Earlier this week my sister, Paula, said goodbye to a dear friend who passed away from a long battle with cancer. Her friend was one of the most resilient of friends during her time with us. Only those who have made the cancer journey could ever understand more fully the depth and courage required to fight the good fight.
No matter whether a person wins the battle here or wins it on the other side, how do you say goodbye to a dear friend? What do you say before they are gone? How has your own life and faith been challenged? How do you share your love and faith while they are still with you?
These are just a few questions that came to mind for my sister as she walked with her friend through the years. Right now, Paula is recuperating from nine long, committed months caring for her friend. Yet, she would be glad to share her thought in the next article. With my sister’s experience being so fresh on her mind and heart, I felt these questions would be best answered by her as well. We will hear what she gained from knowing this special person called, Lydia.
In the meantime, I offer some perspective on my sister’s journey and my own final goodbyes to loved ones over the years. With the question, “How did I say goodbye to my dear friend?”, my sister chronicled many opportunities to say goodbye. In the beginning, Paula hung on to trusting, believing, hoping for a miracle healing. As the months, weeks, and days grew nearer with Lydia becoming more increasingly weak and unable to function, my sister also grew weary and even more sad about the fate of her friend.
For myself, I remember the time caring for my husband’s mother, Mary, as she became increasingly weak from Leukemia in her senior years. I remember my friend, Nancy, fighting melanoma cancer, as I sat by her bedside having chats about family, faith, and friends. During that phase of time for both, I too was trusting, believing, and hoping for a miracle healing. I do know they happen, because I know those who have experienced it. My own journey to wellness also reflects that evidence. Yet, every person’s journey is unique to them in many ways. So, none of us would presume to say goodbye prematurely, that’s for sure.
With the next question, “What do you say before they are gone?”, it seems we tend in the early stages to talk at length with our friend about what she is going through and any resources that may help her. As your friend gets closer to passing, it often gets quieter, and even sometimes, more distant. For some, such as my sister Paula, she stepped right in to be one of the caregivers helping everyone to get along, be practical, organized, and bring some comfort and peace into the situation.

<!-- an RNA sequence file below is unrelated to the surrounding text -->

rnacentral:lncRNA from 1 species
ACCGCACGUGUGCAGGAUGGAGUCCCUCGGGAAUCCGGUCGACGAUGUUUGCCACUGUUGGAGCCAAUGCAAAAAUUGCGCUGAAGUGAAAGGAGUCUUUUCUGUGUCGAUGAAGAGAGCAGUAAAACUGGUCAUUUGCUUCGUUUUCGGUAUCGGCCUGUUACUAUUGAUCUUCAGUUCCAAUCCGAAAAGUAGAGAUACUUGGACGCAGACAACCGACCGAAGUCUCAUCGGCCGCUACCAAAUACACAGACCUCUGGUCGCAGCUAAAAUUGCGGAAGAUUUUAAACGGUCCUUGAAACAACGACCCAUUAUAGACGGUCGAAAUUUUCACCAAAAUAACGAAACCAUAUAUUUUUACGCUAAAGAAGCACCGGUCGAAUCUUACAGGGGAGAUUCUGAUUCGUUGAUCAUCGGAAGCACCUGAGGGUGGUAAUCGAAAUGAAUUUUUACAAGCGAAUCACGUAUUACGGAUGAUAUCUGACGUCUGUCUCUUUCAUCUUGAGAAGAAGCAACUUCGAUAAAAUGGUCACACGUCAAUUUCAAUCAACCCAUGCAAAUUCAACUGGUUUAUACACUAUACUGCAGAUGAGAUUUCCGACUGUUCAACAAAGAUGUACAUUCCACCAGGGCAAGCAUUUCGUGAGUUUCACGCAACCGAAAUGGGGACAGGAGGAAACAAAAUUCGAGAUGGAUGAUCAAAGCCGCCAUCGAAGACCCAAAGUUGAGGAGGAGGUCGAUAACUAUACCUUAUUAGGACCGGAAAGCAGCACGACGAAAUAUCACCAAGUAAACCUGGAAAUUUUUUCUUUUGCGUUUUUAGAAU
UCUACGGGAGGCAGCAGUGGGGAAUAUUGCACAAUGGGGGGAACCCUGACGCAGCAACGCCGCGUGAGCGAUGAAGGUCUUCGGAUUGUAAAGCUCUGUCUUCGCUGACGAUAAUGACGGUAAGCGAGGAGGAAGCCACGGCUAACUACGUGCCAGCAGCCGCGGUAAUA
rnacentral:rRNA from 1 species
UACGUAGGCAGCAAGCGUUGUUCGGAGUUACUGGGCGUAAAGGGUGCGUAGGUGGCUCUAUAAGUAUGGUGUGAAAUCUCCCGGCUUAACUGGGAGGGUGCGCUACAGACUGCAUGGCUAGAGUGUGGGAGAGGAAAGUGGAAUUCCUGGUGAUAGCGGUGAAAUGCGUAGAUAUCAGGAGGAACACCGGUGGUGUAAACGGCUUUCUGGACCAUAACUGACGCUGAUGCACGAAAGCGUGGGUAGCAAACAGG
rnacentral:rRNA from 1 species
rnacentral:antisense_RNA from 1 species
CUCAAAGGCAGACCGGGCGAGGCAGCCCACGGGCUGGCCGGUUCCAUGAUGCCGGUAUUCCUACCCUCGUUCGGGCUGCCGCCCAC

Although not as much as my sister, I too tried to be there for Mary and Nancy whenever I could. My own health challenges during those times prevented me from helping as much as I wanted. Yet, I had many opportunities to tell them how much I loved them, particularly Mary since she moved into our home during her final days.
What do you say in the final days and hours? I remember often repeating to Mary and Nancy how important they are in my life and how much impact they have had. In Mary’s finals hours, she could no longer speak or be conscious. I simply was there by her side thanking God for her and asking to give her peace in her passing or raise her up on this side of heaven healed and healthy. For Nancy, I wasn’t able to see her in her final hours. Yet, a few days earlier she called to say goodbye and thank me for being her friend. In so many ways that phone call was one of the hardest moments to process. It felt so final, with tear running down my face.
Then comes the question, “How has my own life and faith been challenged?” There is never a doubt that one’s life is forever changed watching and even being present when a dear friend passes away. Lydia was surrounded by many who loved her every day during the final months and hours. Paula was one among the many who loved and cared for her.
I know my life has forever changed because of those dear ones who went on before me. Life has become so precious, and every moment is a gift to be cherished. I’ve learned to love more deeply and laugh loudly in life whenever I get a chance.
Another but surely not the final question is “How do you share your love and faith while they are still with you?” Words to your friend can be comforting and welcomed. However, often when the time is close, words go quiet, understandably. That is when you simply are there loving them. Isn’t that what the heart of faith is all about . . . being there? Being there can means many things. Yet, when you become a caregiver, you step up with whatever is necessary.
The list can be long . . . from bringing groceries, making meals, reading to her, cleaning the house, even washing your friend’s body because she can’t. You do whatever it takes to share your love and faith and in whatever way you can. I have many times watched my sister reach out to help others over the years, including our own mother and other family members. For her friend Lydia, this was a exceptionally special and exhausting time for my sister. Yet, her heart was fully committed to her friend.
In the next article, Paula will share her own thoughts and responses to these “saying goodbye” questions of life and loving a friend. For Paula and the many loved ones who said goodbye, her friend, Lydia, is now free, walking and singing with the angels. And this goodbye isn’t really final for those with faith in God . . . knowing Lydia and her friends will see many again on the other side.